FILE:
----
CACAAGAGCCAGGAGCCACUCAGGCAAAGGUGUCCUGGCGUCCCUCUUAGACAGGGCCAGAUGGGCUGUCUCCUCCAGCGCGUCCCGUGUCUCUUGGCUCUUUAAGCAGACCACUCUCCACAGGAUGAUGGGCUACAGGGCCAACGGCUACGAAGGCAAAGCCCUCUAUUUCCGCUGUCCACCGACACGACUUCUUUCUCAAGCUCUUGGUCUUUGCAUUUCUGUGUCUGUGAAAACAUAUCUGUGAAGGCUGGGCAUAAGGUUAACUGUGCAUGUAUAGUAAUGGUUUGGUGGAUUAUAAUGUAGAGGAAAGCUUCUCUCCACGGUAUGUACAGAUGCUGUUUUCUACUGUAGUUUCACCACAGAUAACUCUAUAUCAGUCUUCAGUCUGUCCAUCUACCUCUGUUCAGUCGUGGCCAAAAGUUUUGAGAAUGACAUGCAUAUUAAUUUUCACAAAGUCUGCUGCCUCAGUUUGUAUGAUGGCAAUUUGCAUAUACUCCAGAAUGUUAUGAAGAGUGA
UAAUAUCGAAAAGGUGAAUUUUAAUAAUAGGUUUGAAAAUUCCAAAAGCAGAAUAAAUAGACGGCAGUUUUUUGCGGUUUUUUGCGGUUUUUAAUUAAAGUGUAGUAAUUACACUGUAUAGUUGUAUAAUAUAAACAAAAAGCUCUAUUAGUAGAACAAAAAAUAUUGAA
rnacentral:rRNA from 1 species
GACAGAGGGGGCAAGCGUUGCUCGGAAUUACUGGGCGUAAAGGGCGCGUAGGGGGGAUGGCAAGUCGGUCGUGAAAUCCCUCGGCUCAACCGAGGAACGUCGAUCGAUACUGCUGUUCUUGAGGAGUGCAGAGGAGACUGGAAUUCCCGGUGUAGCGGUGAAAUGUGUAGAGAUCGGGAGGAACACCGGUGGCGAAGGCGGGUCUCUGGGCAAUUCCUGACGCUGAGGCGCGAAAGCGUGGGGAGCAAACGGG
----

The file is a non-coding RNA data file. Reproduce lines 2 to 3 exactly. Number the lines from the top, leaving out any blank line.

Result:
UAAUAUCGAAAAGGUGAAUUUUAAUAAUAGGUUUGAAAAUUCCAAAAGCAGAAUAAAUAGACGGCAGUUUUUUGCGGUUUUUUGCGGUUUUUAAUUAAAGUGUAGUAAUUACACUGUAUAGUUGUAUAAUAUAAACAAAAAGCUCUAUUAGUAGAACAAAAAAUAUUGAA
rnacentral:rRNA from 1 species